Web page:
Raleigh – Last week, the hammer dropped on Senator Tillis for his spineless “Olympic Gold flip flop” on the president’s emergency declaration, forcing Tillis to relive “one of the senator’s weakest moments” and earning him a fresh round of negative headlines and condemnation from around the state and the country.
Voters asked Tillis to “explain himself to the soldiers.” The Charlotte Observer editorial board blasted Tillis for “an $80 million punch to the gut” and offered a piece of advice: “when you buy political favor in exchange for your principles, the bill is always more than you thought it would be.”
The Washington Post noted “no state got hit harder than North Carolina,” writing that Tillis’ flip flop is a political “softball” and pointing out that Tillis’ empty promise last spring to advance legislation to prevent future emergency declarations “hasn’t gone anywhere.”
Cable TV was, uh, a bit more blunt… “He just stole $80 million from your state! How WEAK are you?”
Here’s a look at what voters saw about “Senator Hypocrisy (R-N.C.)”:
Charlotte Observer: Editorial: Thom Tillis’ terrible, no good and totally predictable bad day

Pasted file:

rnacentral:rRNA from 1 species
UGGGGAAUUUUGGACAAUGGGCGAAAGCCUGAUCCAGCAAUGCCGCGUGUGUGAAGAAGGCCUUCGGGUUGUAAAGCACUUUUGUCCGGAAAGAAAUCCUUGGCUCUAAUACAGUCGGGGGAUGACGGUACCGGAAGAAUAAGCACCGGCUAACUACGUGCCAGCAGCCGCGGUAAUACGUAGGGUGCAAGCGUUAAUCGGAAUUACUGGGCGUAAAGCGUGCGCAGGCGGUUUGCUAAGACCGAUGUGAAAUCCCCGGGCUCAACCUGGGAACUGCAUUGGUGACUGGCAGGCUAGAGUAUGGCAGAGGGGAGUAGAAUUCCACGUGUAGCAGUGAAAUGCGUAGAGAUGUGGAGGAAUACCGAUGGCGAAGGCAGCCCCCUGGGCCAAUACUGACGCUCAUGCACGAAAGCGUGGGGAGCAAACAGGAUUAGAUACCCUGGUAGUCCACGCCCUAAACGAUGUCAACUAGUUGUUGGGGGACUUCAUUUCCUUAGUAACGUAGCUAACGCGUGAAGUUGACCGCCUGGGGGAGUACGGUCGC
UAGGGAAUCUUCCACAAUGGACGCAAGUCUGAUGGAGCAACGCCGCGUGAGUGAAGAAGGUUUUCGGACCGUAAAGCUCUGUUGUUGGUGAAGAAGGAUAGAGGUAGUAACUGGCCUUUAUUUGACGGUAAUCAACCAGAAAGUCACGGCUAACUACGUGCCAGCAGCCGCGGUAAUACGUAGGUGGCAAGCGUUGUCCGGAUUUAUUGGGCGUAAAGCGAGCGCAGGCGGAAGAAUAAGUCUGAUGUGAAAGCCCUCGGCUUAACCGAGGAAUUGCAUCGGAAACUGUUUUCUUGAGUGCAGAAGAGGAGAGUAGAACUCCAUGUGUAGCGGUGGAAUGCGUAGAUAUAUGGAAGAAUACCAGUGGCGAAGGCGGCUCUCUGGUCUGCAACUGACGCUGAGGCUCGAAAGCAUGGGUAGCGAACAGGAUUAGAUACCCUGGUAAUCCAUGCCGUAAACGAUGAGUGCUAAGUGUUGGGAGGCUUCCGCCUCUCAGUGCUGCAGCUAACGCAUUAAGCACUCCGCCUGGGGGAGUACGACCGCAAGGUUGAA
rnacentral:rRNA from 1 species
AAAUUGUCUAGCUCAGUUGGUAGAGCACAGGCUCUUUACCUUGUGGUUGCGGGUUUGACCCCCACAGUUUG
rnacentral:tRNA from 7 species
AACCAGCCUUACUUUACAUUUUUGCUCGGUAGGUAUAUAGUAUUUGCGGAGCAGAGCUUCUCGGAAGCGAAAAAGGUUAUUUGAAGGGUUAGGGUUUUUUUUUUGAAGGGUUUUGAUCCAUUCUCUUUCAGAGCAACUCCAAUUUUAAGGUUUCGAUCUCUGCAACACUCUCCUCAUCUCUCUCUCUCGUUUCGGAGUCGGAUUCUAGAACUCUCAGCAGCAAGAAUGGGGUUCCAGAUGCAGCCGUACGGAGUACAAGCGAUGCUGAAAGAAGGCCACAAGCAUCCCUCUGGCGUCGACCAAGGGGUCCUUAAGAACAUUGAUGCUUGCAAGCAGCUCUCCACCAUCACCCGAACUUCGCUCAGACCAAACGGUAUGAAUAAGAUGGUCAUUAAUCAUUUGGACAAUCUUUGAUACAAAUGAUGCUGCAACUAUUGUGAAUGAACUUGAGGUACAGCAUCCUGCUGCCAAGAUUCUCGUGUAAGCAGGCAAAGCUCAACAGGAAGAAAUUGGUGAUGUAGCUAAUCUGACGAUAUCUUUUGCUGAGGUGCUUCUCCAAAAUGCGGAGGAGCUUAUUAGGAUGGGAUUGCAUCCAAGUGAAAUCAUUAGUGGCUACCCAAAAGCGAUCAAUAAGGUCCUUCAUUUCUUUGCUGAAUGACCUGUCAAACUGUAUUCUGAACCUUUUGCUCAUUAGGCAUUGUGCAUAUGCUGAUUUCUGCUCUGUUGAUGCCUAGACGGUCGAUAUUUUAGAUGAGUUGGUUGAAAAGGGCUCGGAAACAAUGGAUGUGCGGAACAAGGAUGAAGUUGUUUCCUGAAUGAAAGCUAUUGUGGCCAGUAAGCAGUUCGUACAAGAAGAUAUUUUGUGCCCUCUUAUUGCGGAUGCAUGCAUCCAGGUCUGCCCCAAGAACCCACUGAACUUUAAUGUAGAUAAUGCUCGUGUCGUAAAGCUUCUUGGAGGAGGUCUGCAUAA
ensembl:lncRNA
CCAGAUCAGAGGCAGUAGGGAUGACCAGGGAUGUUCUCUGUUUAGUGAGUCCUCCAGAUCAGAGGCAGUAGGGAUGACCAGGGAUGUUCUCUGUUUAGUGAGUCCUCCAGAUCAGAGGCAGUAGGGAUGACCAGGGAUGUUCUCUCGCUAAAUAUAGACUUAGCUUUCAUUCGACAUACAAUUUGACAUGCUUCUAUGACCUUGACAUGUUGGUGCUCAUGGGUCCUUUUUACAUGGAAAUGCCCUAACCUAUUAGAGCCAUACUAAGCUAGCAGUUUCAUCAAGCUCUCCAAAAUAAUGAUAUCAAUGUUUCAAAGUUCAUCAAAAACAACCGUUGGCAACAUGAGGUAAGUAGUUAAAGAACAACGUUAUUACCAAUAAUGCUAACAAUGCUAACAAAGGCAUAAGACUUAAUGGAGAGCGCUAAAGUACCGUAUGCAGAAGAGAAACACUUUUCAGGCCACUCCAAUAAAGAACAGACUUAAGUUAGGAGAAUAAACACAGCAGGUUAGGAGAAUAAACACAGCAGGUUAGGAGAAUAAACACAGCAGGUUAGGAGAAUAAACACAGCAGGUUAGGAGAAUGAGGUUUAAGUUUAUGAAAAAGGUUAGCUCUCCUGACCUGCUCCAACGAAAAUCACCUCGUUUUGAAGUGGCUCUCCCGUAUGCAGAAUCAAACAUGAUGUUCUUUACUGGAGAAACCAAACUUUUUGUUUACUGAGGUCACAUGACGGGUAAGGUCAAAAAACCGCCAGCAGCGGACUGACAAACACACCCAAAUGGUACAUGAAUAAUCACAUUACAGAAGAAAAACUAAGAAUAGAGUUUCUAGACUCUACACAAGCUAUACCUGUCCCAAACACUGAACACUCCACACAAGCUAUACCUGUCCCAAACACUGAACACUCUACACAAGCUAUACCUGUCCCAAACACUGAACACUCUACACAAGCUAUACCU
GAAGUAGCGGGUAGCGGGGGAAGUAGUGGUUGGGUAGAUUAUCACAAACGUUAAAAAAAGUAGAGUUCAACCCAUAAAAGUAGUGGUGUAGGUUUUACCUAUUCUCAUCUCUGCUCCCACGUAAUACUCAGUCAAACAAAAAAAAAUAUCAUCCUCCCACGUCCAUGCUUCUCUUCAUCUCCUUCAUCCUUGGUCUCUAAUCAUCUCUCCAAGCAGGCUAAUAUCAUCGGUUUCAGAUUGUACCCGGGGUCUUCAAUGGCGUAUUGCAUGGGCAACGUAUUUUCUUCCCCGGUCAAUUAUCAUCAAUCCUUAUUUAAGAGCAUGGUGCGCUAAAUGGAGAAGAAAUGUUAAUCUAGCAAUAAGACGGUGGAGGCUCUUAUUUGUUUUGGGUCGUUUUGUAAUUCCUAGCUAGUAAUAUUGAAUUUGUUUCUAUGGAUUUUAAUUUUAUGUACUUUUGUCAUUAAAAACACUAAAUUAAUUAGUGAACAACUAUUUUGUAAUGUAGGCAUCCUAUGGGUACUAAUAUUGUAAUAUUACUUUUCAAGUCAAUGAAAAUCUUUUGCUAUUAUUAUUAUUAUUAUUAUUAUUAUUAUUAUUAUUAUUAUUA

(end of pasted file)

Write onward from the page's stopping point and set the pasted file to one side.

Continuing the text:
By the Editorial Board
September 6, 2019
- The trouble began — as trouble often does — with a tweet. It ended with an $80 million punch to the gut and a lesson that Thom Tillis never seems to learn.
- Then his day got worse. Late in the afternoon, news broke that $80 million worth of construction projects at North Carolina military bases were being cut to shift funds to building the president’s wall on the Mexican border. The total includes $40 million for a new battalion complex and ambulatory care center at Camp Lejeune, as well as a planned elementary school to serve families at Fort Bragg. The $80 million in N.C. cuts were more than in any other state with a GOP senator facing reelection in 2020.
- Trump’s wall already was the source of one of the senator’s weakest moments. As N.C. voters surely remember, Tillis announced in February that he would vote against the president’s effort to circumvent Congress and pay for the wall by declaring a national emergency at the southern border. Three weeks later, he backed down and gave his blessing and vote to the president’s overreach.
- Now that decision will doubly haunt him.
- The lessons here? There are at least a couple. First, don’t trust this president. Donald Trump will not hesitate to burn anyone — including people who’ve previously helped him — to get a political victory. And also — when you buy political favor in exchange for your principles, the bill is always more than you thought it would be.